LEGAL FONT PROTECTION: GERMANY TAKES THE LEAD
Typography remains the one industry that does not enjoy the benefits of copyright protection. However, European countries are beginning to make progress in this area, spearheaded by the efforts of Germany s Linotype.
Recently, FontShop International has won a landmark legal case in the German courts, granting full copyright protection to fonts. This is excellent news, even if somewhat localized it seems that Europe remains ahead of the United States when it comes to font protection.
For instance, Germany s recent law, enacted in 1981 and called Schriftzeichengesetz, specifically protects typeface design. This protection is available to non-German designers and firms, who frequently take advantage of it. However, according to this law, common fonts are not subject to copyright protection; rather, the law affords protection by filing a special registered design with the German Patent Office. At this time, it is unclear if FontShop s victory stands to have any effect on German copyright law.
According to the Bad Homburg, Germany-based Linotype Library GmbH, Germany still has a way to go. The company points out that computer stores, mail-order, and online retailers continue to sell CD collections containing famous classic fonts at bargain-basement prices, without paying any royalties to the font designers or the companies that digitized them and brought them to market. For years, the bootleggers and plagiarists have been trying to put forth the generic name legal argument, suggesting that the names of famous fonts, such as Helvetica, Univers, and Palatino should be open for use to everyone (this is similar to the US public domain issue). However, the Regional and Regional Appeals Courts of Frankfurt have finally ruled against this, issuing a decision that names such as these (and about a dozen others) have brand name protection and can only be used by the license holder and its licensees.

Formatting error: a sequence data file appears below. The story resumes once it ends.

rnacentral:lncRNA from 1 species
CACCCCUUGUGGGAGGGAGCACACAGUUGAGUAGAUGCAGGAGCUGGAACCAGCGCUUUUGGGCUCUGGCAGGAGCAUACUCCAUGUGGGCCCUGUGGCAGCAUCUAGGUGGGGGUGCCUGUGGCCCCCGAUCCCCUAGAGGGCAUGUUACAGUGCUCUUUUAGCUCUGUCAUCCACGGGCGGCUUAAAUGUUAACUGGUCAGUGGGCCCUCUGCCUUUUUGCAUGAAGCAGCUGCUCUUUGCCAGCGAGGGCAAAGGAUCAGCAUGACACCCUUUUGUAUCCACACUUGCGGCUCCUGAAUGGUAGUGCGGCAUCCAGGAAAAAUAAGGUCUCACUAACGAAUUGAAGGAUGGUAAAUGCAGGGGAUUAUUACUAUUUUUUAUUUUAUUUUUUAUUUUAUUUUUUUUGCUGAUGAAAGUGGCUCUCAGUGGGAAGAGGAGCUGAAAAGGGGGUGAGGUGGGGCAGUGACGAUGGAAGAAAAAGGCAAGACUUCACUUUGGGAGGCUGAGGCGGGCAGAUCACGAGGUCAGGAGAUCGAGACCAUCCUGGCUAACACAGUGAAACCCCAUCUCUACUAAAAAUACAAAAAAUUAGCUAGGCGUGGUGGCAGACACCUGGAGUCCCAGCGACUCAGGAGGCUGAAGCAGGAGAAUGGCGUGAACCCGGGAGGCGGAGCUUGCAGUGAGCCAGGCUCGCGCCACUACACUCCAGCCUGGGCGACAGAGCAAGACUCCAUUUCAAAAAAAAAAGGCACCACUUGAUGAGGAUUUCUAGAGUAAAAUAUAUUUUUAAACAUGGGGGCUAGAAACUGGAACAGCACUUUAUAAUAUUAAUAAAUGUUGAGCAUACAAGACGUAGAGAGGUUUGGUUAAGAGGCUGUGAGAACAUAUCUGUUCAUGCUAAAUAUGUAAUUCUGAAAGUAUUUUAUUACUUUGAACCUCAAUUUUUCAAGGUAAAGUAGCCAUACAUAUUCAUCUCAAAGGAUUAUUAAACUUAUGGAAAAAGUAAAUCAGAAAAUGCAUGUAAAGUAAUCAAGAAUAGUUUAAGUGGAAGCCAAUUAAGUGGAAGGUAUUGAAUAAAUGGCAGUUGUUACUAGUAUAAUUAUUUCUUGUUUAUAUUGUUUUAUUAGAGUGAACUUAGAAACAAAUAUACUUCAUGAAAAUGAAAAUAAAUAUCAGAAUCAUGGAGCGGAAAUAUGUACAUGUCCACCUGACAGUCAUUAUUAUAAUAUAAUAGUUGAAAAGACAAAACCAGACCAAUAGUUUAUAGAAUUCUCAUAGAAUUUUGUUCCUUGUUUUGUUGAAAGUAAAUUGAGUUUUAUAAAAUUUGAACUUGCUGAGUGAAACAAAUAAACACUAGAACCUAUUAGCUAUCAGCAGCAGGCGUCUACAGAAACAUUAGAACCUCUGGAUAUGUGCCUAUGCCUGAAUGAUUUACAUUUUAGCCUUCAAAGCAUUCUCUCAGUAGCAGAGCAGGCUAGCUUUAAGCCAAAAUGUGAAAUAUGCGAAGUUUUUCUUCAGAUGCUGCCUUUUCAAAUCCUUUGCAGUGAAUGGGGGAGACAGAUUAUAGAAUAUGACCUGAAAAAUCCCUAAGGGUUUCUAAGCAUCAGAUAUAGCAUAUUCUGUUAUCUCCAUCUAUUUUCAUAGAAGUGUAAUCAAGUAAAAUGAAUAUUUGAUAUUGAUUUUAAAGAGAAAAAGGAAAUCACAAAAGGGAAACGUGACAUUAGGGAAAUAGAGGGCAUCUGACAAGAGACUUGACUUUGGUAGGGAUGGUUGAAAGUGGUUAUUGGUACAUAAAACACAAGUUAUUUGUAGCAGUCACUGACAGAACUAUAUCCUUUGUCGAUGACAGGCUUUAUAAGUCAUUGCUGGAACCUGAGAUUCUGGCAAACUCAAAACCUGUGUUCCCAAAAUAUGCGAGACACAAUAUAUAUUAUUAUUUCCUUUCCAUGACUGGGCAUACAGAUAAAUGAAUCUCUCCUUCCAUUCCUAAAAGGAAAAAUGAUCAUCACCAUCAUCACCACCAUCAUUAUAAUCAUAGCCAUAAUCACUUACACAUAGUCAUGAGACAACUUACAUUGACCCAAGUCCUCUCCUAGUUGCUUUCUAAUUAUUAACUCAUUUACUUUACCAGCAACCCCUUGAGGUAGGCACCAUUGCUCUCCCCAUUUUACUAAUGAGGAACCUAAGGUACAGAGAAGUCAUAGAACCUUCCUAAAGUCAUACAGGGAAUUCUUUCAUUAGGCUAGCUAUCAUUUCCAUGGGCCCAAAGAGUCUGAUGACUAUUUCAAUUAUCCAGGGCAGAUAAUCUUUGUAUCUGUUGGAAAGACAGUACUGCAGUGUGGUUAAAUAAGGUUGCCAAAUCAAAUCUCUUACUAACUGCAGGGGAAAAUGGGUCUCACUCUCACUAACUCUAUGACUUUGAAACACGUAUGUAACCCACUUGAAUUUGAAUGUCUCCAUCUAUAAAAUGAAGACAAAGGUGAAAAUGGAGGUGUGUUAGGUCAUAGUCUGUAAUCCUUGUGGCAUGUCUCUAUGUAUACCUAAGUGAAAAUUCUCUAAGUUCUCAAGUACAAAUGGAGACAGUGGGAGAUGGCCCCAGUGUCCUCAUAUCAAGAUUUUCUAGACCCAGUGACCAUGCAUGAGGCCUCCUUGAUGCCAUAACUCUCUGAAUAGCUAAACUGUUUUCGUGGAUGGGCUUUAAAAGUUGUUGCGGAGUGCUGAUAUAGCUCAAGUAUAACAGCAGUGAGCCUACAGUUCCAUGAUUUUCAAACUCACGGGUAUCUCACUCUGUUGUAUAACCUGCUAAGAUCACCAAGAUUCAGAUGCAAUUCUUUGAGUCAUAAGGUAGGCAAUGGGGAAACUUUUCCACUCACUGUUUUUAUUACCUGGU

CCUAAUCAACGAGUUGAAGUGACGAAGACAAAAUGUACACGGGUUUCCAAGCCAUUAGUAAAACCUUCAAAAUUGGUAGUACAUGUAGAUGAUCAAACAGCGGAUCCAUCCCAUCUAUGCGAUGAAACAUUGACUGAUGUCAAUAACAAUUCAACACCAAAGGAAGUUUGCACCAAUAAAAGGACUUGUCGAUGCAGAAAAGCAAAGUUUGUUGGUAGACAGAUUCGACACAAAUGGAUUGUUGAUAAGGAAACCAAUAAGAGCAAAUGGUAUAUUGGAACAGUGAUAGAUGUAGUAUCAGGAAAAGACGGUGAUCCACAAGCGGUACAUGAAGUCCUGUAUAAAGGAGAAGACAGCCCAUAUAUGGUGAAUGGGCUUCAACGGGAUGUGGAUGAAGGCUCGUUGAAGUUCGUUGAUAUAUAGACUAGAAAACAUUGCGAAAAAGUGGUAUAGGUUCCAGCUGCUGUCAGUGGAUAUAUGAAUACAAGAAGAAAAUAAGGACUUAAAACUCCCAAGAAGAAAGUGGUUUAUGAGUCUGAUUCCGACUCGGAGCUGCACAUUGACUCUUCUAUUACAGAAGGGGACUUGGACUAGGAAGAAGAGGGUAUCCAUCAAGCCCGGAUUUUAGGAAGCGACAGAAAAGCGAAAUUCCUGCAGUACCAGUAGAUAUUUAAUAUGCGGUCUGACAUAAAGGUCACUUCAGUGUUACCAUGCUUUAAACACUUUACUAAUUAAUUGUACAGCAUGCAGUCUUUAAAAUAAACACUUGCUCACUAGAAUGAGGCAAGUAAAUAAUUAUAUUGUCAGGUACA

The United Kingdom and France are two other countries that bear mentioning in this context. British type designers have been enjoying copyright protection for several years. France allows typeface registration under a 19th century industrial design protection law. In addition, France has ratified an international treaty for protection of typefaces. This 1973 Vienna treaty becomes international law when four nations ratify it. So far, only France and West Germany have done so; thus, type designs must be protected separately in each country. And even when (and if) the treaty does become law, it will take effect only in the countries that have ratified it.
Much credit for the fact that Europe, specifically Germany, has gained significant ground in this area must go to the aforementioned Linotype. The company has and continues to pour significant resources into fighting font piracy and lobbying for greater protection of fonts. Most recently (spring 2000), Linotype s Anti-Piracy Initiative, supported by the Business Software Alliance (BSA), has moved the Regional Court of Cologne to rule that fonts integrated into computer programs are subject to copyright protection, according to the company s own press release. The BSA is currently conducting campaigns in four urban regions of Germany, with a goal of punishing font pirates and containing the spread of this phenomenon.
Regrettably, the US situation remains the same, despite the ongoing lobbying efforts by the country s typographic community. The only significant step of recent years has been the fact that US courts have begun to treat computer programs used to digitize fonts as intellectual property of the companies that develop them. But the question still remains: How can a country that touts itself for having the best, most fair legal system in the world be so far behind when it comes to typography? Granted, things aren t peachy globally, but The States are most certainly not at the top of their game.
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The above article is reprinted from Visual Arts Trends, with permission. 2001, Visual Arts Trends.
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